# Bifurcations of Equilibria

Chapter
Part of the Encyclopaedia of Mathematical Sciences book series (volume 5)

## Abstract

The theory of bifurcations of dynamical systems describes sudden qualitative changes in the phase portraits of differential equations that occur when parameters are changed continuously and smoothly. Thus, upon loss of stability, a limit cycle may arise from a singular point, and the loss of stability by a limit cycle may give rise to chaos. Such changes are termed bifurcations.

## Keywords

Vector Field Singular Point Phase Portrait Bifurcation Diagram Center Manifold
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## References

1. 2.
We emphasize the difference between a local family and a family of germs of vector fields: the field of a local family is defined in a neighborhood of x0 which is independent of ε,ε £ sufficiently near to ε0. The fields belonging to a family of germs do not have this property. 2a We use this bad notation in spite of the fact that the motion along the “stable” manifold is very unstable and hence this manifold should be called “unstable”.Google Scholar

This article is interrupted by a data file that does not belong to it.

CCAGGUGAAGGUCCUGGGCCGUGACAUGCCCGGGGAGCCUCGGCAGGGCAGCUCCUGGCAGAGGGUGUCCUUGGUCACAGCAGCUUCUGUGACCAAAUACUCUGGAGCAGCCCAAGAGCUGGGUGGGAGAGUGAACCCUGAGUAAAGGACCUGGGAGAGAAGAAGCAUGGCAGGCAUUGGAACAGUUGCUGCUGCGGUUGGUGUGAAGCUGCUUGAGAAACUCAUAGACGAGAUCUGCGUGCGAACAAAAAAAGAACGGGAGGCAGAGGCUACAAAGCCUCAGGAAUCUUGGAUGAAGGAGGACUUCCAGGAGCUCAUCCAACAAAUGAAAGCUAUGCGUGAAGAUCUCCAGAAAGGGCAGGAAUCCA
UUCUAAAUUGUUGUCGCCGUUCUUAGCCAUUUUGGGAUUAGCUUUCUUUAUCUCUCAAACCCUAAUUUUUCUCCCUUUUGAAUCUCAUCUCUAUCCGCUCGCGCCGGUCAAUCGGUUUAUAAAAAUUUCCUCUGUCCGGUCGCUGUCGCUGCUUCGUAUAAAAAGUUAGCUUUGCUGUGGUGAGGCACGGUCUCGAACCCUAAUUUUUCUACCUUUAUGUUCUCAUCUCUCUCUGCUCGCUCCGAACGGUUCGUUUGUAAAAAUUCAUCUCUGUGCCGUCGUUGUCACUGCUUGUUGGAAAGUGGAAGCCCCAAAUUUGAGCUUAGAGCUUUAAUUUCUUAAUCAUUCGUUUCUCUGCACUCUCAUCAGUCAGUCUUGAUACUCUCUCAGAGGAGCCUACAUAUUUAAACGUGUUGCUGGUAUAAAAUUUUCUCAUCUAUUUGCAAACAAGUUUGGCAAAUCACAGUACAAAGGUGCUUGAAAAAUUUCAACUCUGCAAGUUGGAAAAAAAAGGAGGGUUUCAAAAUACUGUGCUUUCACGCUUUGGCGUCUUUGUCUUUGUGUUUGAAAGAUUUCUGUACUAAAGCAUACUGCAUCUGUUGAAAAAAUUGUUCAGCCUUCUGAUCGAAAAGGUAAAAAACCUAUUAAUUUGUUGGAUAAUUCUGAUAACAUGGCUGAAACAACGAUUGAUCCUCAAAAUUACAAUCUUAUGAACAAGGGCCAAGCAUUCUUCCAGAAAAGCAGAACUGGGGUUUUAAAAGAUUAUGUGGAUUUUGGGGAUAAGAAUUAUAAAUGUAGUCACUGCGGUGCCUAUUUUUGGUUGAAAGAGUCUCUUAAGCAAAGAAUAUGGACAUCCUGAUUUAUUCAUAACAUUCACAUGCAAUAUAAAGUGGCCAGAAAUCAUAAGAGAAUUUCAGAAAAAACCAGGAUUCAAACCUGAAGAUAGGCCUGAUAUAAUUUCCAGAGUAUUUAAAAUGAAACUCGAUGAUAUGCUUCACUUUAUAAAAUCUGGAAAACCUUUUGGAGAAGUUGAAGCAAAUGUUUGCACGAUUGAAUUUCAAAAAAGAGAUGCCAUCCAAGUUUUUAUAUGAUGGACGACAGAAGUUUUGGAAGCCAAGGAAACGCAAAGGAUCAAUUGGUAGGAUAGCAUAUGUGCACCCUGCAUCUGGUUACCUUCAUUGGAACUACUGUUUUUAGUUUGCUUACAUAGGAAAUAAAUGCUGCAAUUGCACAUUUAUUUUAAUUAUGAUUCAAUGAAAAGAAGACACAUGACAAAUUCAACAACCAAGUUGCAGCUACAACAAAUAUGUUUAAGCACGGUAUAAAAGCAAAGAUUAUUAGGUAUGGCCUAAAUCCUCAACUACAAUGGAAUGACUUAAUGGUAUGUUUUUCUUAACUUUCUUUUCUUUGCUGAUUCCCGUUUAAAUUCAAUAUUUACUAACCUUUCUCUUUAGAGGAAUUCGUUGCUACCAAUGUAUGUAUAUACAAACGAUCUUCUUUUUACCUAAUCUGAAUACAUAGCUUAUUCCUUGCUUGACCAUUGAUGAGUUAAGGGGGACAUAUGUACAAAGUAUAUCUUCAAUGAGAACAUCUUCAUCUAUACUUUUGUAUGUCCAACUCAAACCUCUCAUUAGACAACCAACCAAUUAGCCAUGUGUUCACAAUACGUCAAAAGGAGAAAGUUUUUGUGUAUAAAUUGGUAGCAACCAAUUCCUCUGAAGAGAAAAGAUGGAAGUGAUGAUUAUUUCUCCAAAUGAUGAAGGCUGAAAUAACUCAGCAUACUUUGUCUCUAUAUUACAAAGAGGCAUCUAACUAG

2. 3.
If there is no saddle suspension, then for uniformity we shall say that there is a suspension of the “trivial saddle” 0Google Scholar
3. 4.
Let A and B be two disjoint classes of germs of vector fields at a singular point 0. We say that the class B is adjacent to the class A (written B &#X2192; A) if for each germ v in the class B, there exists a continuous deformation taking that germ into the class A. More exactly, there exists a continuous family of germs $$\left\{ {\upsilon _t |t \in [0,1]} \right\}$$ such that v 0 = v and v t is a germ in the clas A for all t ∈ (0, 1]Google Scholar
4. 5.
Partial results were obtained in the references (Arnol’d (1972); Gavrilov (1980); Khorozov (1979); Guckenheimer (1984); Guckenheimer and Holmes (1983)), and by V.I. Shvetsov in his diploma thesis, Moscow State University, 1983, 15 pp.Google Scholar